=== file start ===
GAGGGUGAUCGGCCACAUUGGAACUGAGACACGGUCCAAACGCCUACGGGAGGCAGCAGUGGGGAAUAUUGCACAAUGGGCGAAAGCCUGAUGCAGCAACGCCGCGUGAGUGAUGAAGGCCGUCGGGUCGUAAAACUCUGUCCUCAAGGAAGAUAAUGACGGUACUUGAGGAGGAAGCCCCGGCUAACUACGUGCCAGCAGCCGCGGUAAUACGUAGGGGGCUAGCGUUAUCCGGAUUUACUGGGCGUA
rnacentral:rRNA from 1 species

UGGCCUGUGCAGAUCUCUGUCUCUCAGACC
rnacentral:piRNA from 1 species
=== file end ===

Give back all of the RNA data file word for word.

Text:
GAGGGUGAUCGGCCACAUUGGAACUGAGACACGGUCCAAACGCCUACGGGAGGCAGCAGUGGGGAAUAUUGCACAAUGGGCGAAAGCCUGAUGCAGCAACGCCGCGUGAGUGAUGAAGGCCGUCGGGUCGUAAAACUCUGUCCUCAAGGAAGAUAAUGACGGUACUUGAGGAGGAAGCCCCGGCUAACUACGUGCCAGCAGCCGCGGUAAUACGUAGGGGGCUAGCGUUAUCCGGAUUUACUGGGCGUA
rnacentral:rRNA from 1 species

UGGCCUGUGCAGAUCUCUGUCUCUCAGACC
rnacentral:piRNA from 1 species